Ottawa under pressure to tighten gun laws after swift action in New Zealand
New Zealand’s Prime Minister Jacinda Ardern has won praise from gun control advocates around the world for her fast work in tabling new firearms restrictions following the Christchurch mosque massacre. Now, Ottawa is under heavy pressure to follow her lead.
New Zealand’s sweeping ban on so-called “military-style” semiautomatic firearms has prompted Canadian activists to redouble their efforts to pressure the federal government to further tighten the law here. They’re calling on the Trudeau Liberals to first pass what they see as the relatively timid reforms included in Bill C-71 before moving on to more controversial changes — such as a handgun ban.
“The government of New Zealand has swiftly and responsibly responded to the atrocities … by almost immediately committing to ban the type of weapons that facilitate such extreme violence,” said gun control advocate Nathalie Provost, a survivor of the 1989 gun massacre at École Polytechnique in Montreal that claimed the lives of 14 women.
“Yet here in Canada, 29 years after Polytechnique, twelve years after (the Dawson College shooting), four years after the murder of three Moncton RCMP officers and two years after our own massacre at a peaceful mosque in Quebec City, the Liberals are still dithering on what to do about legal assault weapons.”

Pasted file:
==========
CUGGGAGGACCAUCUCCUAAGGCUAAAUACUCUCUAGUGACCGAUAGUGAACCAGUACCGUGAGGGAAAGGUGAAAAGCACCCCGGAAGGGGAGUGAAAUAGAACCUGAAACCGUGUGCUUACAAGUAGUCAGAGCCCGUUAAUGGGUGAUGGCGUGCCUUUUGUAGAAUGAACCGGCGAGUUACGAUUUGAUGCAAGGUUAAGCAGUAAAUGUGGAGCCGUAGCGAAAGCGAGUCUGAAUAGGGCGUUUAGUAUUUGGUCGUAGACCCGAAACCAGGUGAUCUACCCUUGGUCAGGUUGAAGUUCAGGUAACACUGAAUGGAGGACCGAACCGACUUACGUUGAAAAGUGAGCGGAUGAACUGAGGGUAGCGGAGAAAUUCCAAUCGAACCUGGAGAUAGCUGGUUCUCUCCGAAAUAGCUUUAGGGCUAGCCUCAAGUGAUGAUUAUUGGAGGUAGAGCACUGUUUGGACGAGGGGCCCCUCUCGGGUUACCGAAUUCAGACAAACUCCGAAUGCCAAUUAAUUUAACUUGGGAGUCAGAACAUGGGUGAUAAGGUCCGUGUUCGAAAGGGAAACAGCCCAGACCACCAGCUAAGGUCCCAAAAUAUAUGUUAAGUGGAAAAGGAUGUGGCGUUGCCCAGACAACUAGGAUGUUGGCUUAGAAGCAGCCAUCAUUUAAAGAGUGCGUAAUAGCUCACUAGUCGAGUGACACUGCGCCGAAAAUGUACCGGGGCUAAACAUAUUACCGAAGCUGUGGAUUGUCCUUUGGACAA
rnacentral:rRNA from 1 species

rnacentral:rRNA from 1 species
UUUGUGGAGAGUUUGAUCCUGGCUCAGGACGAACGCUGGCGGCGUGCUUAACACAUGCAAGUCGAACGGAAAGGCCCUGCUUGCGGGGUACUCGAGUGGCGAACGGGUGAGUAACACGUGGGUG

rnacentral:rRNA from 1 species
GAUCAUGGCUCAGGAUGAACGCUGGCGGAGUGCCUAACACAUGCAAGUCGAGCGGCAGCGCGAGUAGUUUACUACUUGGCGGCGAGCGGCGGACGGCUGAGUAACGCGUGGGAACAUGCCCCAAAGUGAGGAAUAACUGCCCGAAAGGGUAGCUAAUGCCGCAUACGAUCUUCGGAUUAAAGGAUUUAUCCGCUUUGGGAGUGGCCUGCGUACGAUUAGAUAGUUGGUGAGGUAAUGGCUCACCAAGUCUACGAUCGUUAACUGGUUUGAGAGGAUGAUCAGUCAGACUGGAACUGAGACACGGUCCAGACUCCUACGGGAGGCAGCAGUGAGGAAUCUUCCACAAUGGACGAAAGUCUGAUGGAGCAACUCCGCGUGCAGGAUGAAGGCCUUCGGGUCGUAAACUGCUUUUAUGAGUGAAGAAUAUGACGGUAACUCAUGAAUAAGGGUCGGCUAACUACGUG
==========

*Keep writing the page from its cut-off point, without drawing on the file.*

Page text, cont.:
Prime Minister Ardern has issued a cabinet order that bans New Zealanders from owning semi-automatic firearms like the one used in the March 15 terrorist attack that killed 50 people at two Christchurch mosques. The order bans ownership of semi-automatic firearms capable of use with a detachable magazine that holds more than five rounds.
Ardern also is moving to ban accessories, like bump stocks, that enable a firearm to fire more ammunition faster. Firearms most commonly used by farmers and hunters — such as rifles with small, non-detachable magazines — will be permitted.